Coronavirus cases in Denver are reaching rates not seen since spring, when the pandemic started

Mayor Hancock wants you to stay home. The city’s public health director said to avoid Halloween parties.

Adolisa and Eric Schaefer get COVID-19 tests at Paco Sanchez Park. Oct. 2, 2020.

Adolisa and Eric Schaefer get COVID-19 tests at Paco Sanchez Park. Oct. 2, 2020.

Kevin J. Beaty/Denverite
(Kevin J. Beaty/Denverite)

staff photo

Mayor Michael Hancock on Monday warned coronavirus cases in Denver are growing and have reached levels not seen since the spring, which could lead to more restrictions for local businesses if the trend continues.

Data compiled by Denver Public Health shows the city’s seven-day case average is 127.3, which is higher than the peak of 126.3 cases on April 29, at the onset of the pandemic. College students are still contributing to the spike in cases, Hancock said, while city public health executive director Bob McDonald said people aren’t physically distancing as much as they used to.

Hospitalization rates in Denver have increased over the past several weeks. The city said its seven-day average of hospitalizations is 174, up from 126.6 during the week of Oct. 3. That’s a 37.5 percent increase. Hancock called this “concerning.”

The mayor said the city’s positivity rate has increased over the last few weeks and sits between 4 and 4.5 percent. Hancock said if that rate gets greater than 5 percent, the recommended rate for reopening set by the World Health Organization, it would mean “a great deal of trouble” for Denver.

“We’ve reached a fork in the road,” Hancock said.

Both Hancock and McDonald made it clear that if cases go up, it could mean limiting capacity at places like hair salons, restaurants, office settings and other local retailers.

They said that could lead to lost jobs and a severe economic downturn. The city didn’t detail any new restrictions or issue new public health orders Monday, though McDonald said Denver would be “implementing more public health controls” soon. A spokesperson for the city’s public health department said these health controls will be issued next week.

Right now, the city is at “Level 2,” or the safer-at-home level set by the state, which allows for fewer restrictions. But if it were to move to “Level 3,” it would mean scaling back on reopening efforts and limiting capacity at local businesses.

Bob McDonald, executive director of Denver's Department of Public Health and Environment, speaks during a COVID-19 update in the City and County Building's Parr-Widener Room. May 5, 2020. (Kevin J. Beaty/Denverite)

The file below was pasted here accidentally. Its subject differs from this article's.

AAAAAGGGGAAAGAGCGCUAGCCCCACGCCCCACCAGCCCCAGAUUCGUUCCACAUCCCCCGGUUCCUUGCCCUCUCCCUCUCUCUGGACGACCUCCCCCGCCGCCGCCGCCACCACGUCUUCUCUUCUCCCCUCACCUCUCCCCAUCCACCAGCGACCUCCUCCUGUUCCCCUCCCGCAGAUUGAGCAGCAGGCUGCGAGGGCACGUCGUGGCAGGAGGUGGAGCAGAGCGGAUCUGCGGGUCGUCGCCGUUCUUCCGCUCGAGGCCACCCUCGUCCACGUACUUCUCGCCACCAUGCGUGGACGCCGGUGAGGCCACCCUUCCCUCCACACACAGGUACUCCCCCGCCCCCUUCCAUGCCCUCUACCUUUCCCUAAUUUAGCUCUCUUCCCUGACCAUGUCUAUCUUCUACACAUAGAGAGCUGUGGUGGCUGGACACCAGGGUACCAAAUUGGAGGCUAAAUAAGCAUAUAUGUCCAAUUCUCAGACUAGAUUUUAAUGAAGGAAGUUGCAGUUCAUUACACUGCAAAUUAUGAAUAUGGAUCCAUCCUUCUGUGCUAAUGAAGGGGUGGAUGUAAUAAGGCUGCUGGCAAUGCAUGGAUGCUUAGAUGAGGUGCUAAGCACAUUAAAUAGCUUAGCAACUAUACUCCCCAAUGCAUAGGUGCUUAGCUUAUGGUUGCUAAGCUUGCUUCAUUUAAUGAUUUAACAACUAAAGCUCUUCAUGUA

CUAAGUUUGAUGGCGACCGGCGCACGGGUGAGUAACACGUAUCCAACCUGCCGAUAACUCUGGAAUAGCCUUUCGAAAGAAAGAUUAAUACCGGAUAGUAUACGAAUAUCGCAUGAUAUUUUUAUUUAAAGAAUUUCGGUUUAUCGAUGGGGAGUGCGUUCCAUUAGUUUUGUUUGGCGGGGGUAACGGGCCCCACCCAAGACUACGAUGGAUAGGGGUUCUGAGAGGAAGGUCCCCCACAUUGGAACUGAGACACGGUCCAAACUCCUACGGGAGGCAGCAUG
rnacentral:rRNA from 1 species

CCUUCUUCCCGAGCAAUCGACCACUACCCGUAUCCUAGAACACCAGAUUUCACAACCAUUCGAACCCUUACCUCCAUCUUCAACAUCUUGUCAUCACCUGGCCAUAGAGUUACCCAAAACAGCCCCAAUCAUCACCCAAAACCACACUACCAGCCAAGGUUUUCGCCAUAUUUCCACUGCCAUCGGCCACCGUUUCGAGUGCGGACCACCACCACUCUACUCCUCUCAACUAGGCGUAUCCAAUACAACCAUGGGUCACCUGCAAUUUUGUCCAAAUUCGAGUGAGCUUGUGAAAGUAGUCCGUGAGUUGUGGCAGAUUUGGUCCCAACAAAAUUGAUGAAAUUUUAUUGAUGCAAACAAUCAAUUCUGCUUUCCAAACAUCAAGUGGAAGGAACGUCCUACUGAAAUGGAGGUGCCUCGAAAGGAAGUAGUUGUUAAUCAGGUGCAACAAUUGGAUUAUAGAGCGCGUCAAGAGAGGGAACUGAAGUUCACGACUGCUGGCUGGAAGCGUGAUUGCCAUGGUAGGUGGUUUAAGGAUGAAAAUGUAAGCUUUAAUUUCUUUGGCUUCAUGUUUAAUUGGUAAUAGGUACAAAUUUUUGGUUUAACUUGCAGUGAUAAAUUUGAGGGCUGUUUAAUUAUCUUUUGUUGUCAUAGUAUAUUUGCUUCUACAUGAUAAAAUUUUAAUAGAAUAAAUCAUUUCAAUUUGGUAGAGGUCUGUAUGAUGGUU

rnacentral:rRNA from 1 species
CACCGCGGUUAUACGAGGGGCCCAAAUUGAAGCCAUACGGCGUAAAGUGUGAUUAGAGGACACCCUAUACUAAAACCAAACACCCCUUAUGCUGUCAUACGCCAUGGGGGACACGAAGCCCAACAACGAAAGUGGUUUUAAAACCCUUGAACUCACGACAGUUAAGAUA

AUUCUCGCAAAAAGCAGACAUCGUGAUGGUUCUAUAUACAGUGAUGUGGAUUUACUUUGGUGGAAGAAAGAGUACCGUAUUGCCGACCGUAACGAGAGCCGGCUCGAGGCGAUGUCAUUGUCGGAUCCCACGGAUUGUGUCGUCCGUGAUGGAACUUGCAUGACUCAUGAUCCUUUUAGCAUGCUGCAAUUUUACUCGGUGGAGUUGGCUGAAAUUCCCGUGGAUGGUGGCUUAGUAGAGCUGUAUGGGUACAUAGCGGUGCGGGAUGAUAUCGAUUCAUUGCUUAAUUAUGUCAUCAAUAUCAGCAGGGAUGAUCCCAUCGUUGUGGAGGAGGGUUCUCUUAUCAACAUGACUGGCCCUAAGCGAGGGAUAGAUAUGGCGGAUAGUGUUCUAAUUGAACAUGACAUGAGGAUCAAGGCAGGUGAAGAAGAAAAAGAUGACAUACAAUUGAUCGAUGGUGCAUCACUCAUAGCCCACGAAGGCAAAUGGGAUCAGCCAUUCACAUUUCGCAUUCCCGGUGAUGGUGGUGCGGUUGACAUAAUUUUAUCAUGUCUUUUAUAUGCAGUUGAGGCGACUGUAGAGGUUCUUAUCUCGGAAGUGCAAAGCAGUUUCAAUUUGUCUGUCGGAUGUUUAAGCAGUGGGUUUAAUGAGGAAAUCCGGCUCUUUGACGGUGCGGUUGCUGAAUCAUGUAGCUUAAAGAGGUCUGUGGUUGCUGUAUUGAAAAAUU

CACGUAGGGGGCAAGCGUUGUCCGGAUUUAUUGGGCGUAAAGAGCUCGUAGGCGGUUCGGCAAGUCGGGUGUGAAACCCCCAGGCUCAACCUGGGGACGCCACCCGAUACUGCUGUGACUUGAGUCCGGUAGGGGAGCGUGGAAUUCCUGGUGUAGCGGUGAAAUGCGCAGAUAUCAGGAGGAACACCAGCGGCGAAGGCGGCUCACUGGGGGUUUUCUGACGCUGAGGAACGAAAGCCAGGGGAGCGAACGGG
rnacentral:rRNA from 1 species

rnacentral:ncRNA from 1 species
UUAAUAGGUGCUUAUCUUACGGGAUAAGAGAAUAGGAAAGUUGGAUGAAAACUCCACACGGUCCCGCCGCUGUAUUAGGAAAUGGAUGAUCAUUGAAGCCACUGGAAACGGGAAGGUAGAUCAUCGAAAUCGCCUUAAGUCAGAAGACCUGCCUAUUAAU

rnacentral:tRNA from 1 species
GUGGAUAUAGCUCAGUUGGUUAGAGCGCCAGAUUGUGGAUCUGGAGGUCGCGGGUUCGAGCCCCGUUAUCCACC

Bob McDonald, executive director of Denver's Department of Public Health and Environment, speaks during a COVID-19 update in the City and County Building's Parr-Widener Room. May 5, 2020. (Kevin J. Beaty/Denverite)

Hancock and McDonald have been issuing the same advice for months: Wear a face mask and avoid hanging out in large groups. They’re also encouraging people to get their flu shot; Hancock said he was getting his shot on Monday at a Walgreens.

“We all could have to stay home if numbers keep going in the same direction,” McDonald said. He said that when he goes out to each,  about two to three times a week, he wears a face covering, taking it off once he sits down to eat and putting it back on once he leaves.

McDonald discouraged Halloween parties. He said to hang out with family or people you live with.

Since the city said last month that college-aged people were driving a spike in cases, cases on college campuses in the city have increased. The initial spike prompted the city to create new public health orders for local colleges on Sept. 24. McDonald said there have been some cases of non-compliance among sororities and fraternities.

State data shows there are active COVID-19 outbreaks at Metro State University, Regis University and the University of Denver. The latest available data, released last Wednesday, showed DU had 72 lab-confirmed cases, Regis had 56 and Metro had 12. The outbreaks listed at DU include sororities and fraternities. McDonald said some greek life houses have been closed since they weren’t complying with public health orders.

Denver Superintendent Susana Cordova also provided a brief update on Denver Public Schools and their reopening efforts. Cordova said the district wants to reopen all its elementary schools for full in-person instruction by next week. Cordova said the district is assessing how it could provide in-person learning for its middle schools and high schools. Cordova said the district will launch a dashboard with information about COVID-19 at district schools.

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